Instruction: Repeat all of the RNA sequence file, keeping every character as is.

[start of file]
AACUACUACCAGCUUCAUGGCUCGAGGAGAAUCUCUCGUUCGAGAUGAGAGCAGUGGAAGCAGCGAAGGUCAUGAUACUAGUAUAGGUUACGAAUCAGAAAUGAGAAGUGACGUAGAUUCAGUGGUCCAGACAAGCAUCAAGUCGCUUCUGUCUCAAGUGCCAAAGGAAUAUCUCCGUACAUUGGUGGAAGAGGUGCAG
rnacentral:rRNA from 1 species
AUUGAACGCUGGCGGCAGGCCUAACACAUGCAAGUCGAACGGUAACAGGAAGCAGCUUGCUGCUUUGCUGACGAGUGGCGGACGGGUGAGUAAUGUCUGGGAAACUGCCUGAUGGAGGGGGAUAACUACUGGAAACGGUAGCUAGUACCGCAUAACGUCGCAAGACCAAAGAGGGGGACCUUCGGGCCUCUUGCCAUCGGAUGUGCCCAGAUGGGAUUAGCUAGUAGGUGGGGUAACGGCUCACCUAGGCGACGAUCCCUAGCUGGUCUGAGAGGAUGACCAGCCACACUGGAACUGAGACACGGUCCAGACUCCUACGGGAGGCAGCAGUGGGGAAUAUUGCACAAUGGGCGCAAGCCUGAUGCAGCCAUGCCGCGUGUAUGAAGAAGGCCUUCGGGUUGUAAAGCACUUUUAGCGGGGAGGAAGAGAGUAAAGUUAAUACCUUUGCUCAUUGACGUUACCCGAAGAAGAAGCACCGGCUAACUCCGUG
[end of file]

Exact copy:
AACUACUACCAGCUUCAUGGCUCGAGGAGAAUCUCUCGUUCGAGAUGAGAGCAGUGGAAGCAGCGAAGGUCAUGAUACUAGUAUAGGUUACGAAUCAGAAAUGAGAAGUGACGUAGAUUCAGUGGUCCAGACAAGCAUCAAGUCGCUUCUGUCUCAAGUGCCAAAGGAAUAUCUCCGUACAUUGGUGGAAGAGGUGCAG
rnacentral:rRNA from 1 species
AUUGAACGCUGGCGGCAGGCCUAACACAUGCAAGUCGAACGGUAACAGGAAGCAGCUUGCUGCUUUGCUGACGAGUGGCGGACGGGUGAGUAAUGUCUGGGAAACUGCCUGAUGGAGGGGGAUAACUACUGGAAACGGUAGCUAGUACCGCAUAACGUCGCAAGACCAAAGAGGGGGACCUUCGGGCCUCUUGCCAUCGGAUGUGCCCAGAUGGGAUUAGCUAGUAGGUGGGGUAACGGCUCACCUAGGCGACGAUCCCUAGCUGGUCUGAGAGGAUGACCAGCCACACUGGAACUGAGACACGGUCCAGACUCCUACGGGAGGCAGCAGUGGGGAAUAUUGCACAAUGGGCGCAAGCCUGAUGCAGCCAUGCCGCGUGUAUGAAGAAGGCCUUCGGGUUGUAAAGCACUUUUAGCGGGGAGGAAGAGAGUAAAGUUAAUACCUUUGCUCAUUGACGUUACCCGAAGAAGAAGCACCGGCUAACUCCGUG